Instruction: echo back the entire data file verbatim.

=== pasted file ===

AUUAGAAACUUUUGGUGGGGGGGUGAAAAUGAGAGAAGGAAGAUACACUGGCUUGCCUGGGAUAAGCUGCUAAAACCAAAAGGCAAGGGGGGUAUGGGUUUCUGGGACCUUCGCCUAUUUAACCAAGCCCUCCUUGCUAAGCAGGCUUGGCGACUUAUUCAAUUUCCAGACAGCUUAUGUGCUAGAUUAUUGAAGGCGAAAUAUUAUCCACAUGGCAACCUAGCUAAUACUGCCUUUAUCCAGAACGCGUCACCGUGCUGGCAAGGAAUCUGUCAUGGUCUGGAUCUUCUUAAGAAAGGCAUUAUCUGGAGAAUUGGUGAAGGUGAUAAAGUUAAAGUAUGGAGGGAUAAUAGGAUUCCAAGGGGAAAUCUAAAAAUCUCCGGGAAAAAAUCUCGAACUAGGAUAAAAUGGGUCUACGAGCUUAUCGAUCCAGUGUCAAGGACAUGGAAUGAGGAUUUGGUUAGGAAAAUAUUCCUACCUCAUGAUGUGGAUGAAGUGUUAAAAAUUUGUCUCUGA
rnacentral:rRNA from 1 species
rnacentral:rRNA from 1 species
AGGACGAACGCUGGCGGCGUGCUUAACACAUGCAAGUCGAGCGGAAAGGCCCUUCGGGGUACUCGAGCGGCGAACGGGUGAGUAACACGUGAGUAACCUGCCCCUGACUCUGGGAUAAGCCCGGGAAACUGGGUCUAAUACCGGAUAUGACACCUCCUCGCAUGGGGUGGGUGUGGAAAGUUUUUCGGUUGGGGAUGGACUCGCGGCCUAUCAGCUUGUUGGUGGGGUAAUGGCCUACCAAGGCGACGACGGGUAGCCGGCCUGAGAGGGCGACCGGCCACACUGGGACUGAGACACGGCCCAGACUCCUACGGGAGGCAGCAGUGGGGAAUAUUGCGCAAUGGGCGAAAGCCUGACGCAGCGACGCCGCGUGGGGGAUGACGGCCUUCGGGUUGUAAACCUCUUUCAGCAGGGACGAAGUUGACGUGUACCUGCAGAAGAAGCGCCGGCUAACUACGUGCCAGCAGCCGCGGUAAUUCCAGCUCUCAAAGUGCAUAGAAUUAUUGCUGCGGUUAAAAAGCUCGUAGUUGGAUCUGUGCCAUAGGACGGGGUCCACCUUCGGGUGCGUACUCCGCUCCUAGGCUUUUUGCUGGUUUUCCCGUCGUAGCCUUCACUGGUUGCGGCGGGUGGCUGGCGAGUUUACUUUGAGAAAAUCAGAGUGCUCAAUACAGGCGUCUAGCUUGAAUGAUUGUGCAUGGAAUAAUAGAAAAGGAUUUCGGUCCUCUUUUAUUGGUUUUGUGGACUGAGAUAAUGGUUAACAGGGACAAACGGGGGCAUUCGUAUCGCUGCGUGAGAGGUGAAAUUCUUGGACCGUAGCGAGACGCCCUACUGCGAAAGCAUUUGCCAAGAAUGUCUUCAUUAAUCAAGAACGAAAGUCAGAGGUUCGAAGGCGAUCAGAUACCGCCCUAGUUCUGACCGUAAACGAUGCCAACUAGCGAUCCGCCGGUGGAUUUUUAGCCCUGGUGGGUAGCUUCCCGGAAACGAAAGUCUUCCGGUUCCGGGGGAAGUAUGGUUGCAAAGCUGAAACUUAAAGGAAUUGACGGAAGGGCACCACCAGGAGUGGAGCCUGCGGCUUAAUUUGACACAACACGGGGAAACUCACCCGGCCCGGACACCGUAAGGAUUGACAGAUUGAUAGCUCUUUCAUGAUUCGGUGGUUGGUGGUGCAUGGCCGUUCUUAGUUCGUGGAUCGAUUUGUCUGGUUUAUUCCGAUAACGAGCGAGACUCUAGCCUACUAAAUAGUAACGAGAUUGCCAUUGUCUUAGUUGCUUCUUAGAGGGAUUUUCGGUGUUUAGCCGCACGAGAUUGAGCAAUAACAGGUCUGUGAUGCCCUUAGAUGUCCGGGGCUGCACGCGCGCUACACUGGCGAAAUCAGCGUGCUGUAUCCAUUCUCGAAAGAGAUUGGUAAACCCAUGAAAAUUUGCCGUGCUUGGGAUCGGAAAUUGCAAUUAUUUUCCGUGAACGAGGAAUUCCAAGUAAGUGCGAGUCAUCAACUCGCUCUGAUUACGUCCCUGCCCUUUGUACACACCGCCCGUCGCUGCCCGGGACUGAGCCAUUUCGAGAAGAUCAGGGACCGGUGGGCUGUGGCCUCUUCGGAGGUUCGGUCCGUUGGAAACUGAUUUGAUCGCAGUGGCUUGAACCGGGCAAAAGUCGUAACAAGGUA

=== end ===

AUUAGAAACUUUUGGUGGGGGGGUGAAAAUGAGAGAAGGAAGAUACACUGGCUUGCCUGGGAUAAGCUGCUAAAACCAAAAGGCAAGGGGGGUAUGGGUUUCUGGGACCUUCGCCUAUUUAACCAAGCCCUCCUUGCUAAGCAGGCUUGGCGACUUAUUCAAUUUCCAGACAGCUUAUGUGCUAGAUUAUUGAAGGCGAAAUAUUAUCCACAUGGCAACCUAGCUAAUACUGCCUUUAUCCAGAACGCGUCACCGUGCUGGCAAGGAAUCUGUCAUGGUCUGGAUCUUCUUAAGAAAGGCAUUAUCUGGAGAAUUGGUGAAGGUGAUAAAGUUAAAGUAUGGAGGGAUAAUAGGAUUCCAAGGGGAAAUCUAAAAAUCUCCGGGAAAAAAUCUCGAACUAGGAUAAAAUGGGUCUACGAGCUUAUCGAUCCAGUGUCAAGGACAUGGAAUGAGGAUUUGGUUAGGAAAAUAUUCCUACCUCAUGAUGUGGAUGAAGUGUUAAAAAUUUGUCUCUGA
rnacentral:rRNA from 1 species
rnacentral:rRNA from 1 species
AGGACGAACGCUGGCGGCGUGCUUAACACAUGCAAGUCGAGCGGAAAGGCCCUUCGGGGUACUCGAGCGGCGAACGGGUGAGUAACACGUGAGUAACCUGCCCCUGACUCUGGGAUAAGCCCGGGAAACUGGGUCUAAUACCGGAUAUGACACCUCCUCGCAUGGGGUGGGUGUGGAAAGUUUUUCGGUUGGGGAUGGACUCGCGGCCUAUCAGCUUGUUGGUGGGGUAAUGGCCUACCAAGGCGACGACGGGUAGCCGGCCUGAGAGGGCGACCGGCCACACUGGGACUGAGACACGGCCCAGACUCCUACGGGAGGCAGCAGUGGGGAAUAUUGCGCAAUGGGCGAAAGCCUGACGCAGCGACGCCGCGUGGGGGAUGACGGCCUUCGGGUUGUAAACCUCUUUCAGCAGGGACGAAGUUGACGUGUACCUGCAGAAGAAGCGCCGGCUAACUACGUGCCAGCAGCCGCGGUAAUUCCAGCUCUCAAAGUGCAUAGAAUUAUUGCUGCGGUUAAAAAGCUCGUAGUUGGAUCUGUGCCAUAGGACGGGGUCCACCUUCGGGUGCGUACUCCGCUCCUAGGCUUUUUGCUGGUUUUCCCGUCGUAGCCUUCACUGGUUGCGGCGGGUGGCUGGCGAGUUUACUUUGAGAAAAUCAGAGUGCUCAAUACAGGCGUCUAGCUUGAAUGAUUGUGCAUGGAAUAAUAGAAAAGGAUUUCGGUCCUCUUUUAUUGGUUUUGUGGACUGAGAUAAUGGUUAACAGGGACAAACGGGGGCAUUCGUAUCGCUGCGUGAGAGGUGAAAUUCUUGGACCGUAGCGAGACGCCCUACUGCGAAAGCAUUUGCCAAGAAUGUCUUCAUUAAUCAAGAACGAAAGUCAGAGGUUCGAAGGCGAUCAGAUACCGCCCUAGUUCUGACCGUAAACGAUGCCAACUAGCGAUCCGCCGGUGGAUUUUUAGCCCUGGUGGGUAGCUUCCCGGAAACGAAAGUCUUCCGGUUCCGGGGGAAGUAUGGUUGCAAAGCUGAAACUUAAAGGAAUUGACGGAAGGGCACCACCAGGAGUGGAGCCUGCGGCUUAAUUUGACACAACACGGGGAAACUCACCCGGCCCGGACACCGUAAGGAUUGACAGAUUGAUAGCUCUUUCAUGAUUCGGUGGUUGGUGGUGCAUGGCCGUUCUUAGUUCGUGGAUCGAUUUGUCUGGUUUAUUCCGAUAACGAGCGAGACUCUAGCCUACUAAAUAGUAACGAGAUUGCCAUUGUCUUAGUUGCUUCUUAGAGGGAUUUUCGGUGUUUAGCCGCACGAGAUUGAGCAAUAACAGGUCUGUGAUGCCCUUAGAUGUCCGGGGCUGCACGCGCGCUACACUGGCGAAAUCAGCGUGCUGUAUCCAUUCUCGAAAGAGAUUGGUAAACCCAUGAAAAUUUGCCGUGCUUGGGAUCGGAAAUUGCAAUUAUUUUCCGUGAACGAGGAAUUCCAAGUAAGUGCGAGUCAUCAACUCGCUCUGAUUACGUCCCUGCCCUUUGUACACACCGCCCGUCGCUGCCCGGGACUGAGCCAUUUCGAGAAGAUCAGGGACCGGUGGGCUGUGGCCUCUUCGGAGGUUCGGUCCGUUGGAAACUGAUUUGAUCGCAGUGGCUUGAACCGGGCAAAAGUCGUAACAAGGUA